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Another tree species in Michigan is infested by an invasive disease

photo taken looking up a branch of beech leaves among a forest of other trees
Yonghao Li
Connecticut Agricultural Experiment Station, Bugwood.Org
Dark, thickened stripes between leaf veins are early signs of beech leaf disease

Beech leaf disease is the latest in an onslaught of invasive insects and diseases killing trees in the state.

A microscopic worm, a nematode, is connected to damage to beech tree leaves.

“You get very stunted, distorted and puckered leaves, then eventually buds that don’t unfurl in the springtime,” said Simeon Wright, a Forest Health Specialist with the Michigan Department of Natural Resources.

Simeon Wright in jeans, a long-sleeve jacket and hat, takes a picture of leaves of a beech tree in a forest while holding a plastic bag to collect samples.
Michigan DNR
Michigan Department of Natural Resources Forest Health Specialist Simeon Wright takes samples and photos of trees affected by beech leaf disease.

The trees that are weakened by the disease are then susceptible to other diseases and can die within six to ten years of infection.

The state confirmed beech leaf disease in a small, private woodlot in southern St. Clair County.

Michigan trees have already been hit by emerald ash borers, Dutch elm disease and others. Wright said even more pests are approaching.

“Asian longhorn beetle which impacts maples. Spotted lanternfly that would be a significant agricultural pest, affecting grapes and fruit trees.”

The impact of the invasive pests and diseases affects trees wildlife depend on for food and that people depend on for lumber and backyard shade.

The attacks on the trees comes at a time when climate change is causing fluctuations in temperature and moisture, stressing trees further.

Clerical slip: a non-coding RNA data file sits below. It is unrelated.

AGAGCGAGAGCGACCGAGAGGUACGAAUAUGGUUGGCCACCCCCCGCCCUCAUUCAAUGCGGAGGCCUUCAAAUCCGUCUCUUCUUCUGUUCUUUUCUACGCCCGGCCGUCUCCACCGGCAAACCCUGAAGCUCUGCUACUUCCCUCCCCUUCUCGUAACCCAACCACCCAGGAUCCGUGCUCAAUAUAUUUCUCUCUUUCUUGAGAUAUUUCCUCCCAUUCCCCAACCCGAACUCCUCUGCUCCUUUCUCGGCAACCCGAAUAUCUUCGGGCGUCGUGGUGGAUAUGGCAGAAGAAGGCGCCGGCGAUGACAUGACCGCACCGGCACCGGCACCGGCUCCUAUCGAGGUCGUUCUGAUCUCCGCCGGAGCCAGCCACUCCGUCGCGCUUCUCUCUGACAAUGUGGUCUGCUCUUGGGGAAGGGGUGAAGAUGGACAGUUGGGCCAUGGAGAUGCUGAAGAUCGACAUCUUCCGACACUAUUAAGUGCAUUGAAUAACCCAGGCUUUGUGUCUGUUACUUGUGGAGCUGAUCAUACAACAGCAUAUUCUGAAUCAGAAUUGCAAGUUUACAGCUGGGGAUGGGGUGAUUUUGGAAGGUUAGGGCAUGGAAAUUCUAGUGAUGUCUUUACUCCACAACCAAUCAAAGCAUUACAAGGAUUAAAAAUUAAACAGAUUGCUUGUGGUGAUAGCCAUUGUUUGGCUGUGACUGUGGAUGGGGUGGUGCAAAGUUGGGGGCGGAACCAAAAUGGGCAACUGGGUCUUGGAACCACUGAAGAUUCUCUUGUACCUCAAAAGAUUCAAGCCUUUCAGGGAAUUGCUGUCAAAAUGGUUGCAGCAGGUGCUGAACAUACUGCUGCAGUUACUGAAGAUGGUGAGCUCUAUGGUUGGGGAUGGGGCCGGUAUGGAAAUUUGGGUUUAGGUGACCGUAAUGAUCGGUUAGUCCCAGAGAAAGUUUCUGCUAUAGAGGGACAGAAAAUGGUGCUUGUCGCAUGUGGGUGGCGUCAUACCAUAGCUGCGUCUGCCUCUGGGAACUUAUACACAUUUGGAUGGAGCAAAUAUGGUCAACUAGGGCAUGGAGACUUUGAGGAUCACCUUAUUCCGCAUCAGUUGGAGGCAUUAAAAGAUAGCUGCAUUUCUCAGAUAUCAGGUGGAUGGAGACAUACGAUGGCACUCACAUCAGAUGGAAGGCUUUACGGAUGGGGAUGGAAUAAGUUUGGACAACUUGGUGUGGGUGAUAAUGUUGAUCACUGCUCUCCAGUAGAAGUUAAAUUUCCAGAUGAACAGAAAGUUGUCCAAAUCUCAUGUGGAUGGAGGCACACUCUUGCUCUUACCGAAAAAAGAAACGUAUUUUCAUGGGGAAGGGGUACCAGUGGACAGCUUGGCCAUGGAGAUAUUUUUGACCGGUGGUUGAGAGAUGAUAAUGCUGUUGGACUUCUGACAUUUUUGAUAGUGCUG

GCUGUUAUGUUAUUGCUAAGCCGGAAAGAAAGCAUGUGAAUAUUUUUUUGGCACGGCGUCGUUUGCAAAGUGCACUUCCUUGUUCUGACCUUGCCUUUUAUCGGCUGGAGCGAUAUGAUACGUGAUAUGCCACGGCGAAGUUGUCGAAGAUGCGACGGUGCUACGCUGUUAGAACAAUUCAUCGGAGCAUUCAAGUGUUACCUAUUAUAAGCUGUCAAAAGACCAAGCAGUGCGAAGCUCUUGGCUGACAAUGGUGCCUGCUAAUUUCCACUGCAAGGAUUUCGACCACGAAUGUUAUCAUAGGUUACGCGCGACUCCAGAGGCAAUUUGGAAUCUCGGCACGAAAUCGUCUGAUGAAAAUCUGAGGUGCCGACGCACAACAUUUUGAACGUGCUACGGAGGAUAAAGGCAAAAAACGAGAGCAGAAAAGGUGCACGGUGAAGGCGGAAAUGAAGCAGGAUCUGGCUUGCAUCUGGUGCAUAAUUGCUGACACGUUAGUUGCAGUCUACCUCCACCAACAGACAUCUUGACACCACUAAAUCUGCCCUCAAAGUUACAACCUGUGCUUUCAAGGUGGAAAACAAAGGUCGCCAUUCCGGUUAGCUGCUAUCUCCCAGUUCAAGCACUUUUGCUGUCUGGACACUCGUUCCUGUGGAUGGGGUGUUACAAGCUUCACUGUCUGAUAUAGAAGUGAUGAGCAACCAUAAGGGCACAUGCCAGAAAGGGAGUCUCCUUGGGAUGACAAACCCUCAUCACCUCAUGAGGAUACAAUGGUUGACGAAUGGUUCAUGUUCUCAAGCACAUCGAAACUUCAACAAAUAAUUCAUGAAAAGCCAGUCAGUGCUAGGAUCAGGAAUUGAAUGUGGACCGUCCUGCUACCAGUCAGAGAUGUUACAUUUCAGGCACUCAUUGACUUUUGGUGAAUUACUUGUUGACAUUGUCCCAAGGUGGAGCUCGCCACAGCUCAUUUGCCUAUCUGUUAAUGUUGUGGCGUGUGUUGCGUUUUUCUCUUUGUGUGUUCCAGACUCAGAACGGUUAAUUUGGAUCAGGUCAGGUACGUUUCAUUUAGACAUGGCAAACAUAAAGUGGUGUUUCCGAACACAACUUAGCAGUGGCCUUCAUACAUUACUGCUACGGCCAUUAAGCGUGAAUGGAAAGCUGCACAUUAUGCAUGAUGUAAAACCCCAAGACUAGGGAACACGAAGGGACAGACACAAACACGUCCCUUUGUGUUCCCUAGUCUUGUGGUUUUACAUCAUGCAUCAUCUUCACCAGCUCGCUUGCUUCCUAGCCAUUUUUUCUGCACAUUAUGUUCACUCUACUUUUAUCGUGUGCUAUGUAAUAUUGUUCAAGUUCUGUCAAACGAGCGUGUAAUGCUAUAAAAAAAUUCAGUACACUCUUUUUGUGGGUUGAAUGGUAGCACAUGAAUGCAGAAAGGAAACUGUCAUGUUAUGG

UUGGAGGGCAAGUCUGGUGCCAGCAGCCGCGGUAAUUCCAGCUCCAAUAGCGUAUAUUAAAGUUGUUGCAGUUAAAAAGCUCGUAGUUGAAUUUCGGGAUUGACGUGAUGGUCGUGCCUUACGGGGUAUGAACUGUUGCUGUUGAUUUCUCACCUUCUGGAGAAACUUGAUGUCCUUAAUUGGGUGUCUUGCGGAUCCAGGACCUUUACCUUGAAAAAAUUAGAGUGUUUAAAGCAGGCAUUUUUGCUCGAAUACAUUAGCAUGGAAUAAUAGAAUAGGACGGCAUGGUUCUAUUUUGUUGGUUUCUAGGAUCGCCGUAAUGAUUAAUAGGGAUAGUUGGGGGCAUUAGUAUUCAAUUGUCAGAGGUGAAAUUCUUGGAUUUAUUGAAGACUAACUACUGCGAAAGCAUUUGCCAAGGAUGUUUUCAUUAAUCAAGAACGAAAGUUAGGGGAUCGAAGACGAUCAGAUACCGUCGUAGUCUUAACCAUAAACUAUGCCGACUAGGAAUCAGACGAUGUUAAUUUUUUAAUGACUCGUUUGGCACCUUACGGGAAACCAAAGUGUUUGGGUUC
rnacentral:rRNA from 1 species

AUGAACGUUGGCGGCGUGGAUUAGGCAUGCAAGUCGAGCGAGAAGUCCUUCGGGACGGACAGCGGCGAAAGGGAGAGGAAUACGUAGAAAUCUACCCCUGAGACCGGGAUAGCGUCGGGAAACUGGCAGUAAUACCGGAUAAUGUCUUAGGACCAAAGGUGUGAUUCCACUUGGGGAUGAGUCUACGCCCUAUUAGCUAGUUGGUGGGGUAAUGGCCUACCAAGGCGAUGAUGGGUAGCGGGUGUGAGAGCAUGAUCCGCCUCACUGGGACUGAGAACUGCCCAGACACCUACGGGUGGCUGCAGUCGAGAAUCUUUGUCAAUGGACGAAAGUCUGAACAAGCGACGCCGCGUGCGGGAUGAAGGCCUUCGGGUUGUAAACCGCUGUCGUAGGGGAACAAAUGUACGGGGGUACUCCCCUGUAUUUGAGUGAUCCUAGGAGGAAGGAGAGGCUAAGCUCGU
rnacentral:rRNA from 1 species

Researchers with the U.S. Forest Service and Michigan State University are working with state foresters to develop hybrid trees that are more resilient to some of the pests and diseases as well as climate change.

To slow the spread of infestations, foresters stress we need to stop moving fire wood from out of state or from Michigan’s Lower Peninsula to the Upper Peninsula. Planting a wider variety of trees rather than concentrations of just one kind of tree would give insects and diseases less opportunity to spread .

“The more diversity we have out there, the less impact the specific disease or insect can have when it moves into the state,” said Wright.

Beech trees in Michigan are already under attack by beech bark disease. Beech leaf disease will only cause more problems for the species that's part of seven million acres of forest in the state, totaling approximately 37 million American beech trees.

State foresters are asking people to look for any signs of the disease. If you suspect you’ve found a tree affected by beech leaf disease, you’re asked to take a photo of the tree and close-ups of leaves. Report the location, date, and time via email at DNR-FRD-Forest-Health@Michigan.gov or use the Midwest Invasive Species Network (MISIN) online reporting tool.

Lester Graham reports for The Environment Report and previously hosted Stateside on Fridays. He has reported on public policy, politics, and issues regarding race and gender inequity. He was previously with The Environment Report at Michigan Radio from 1998-2010.
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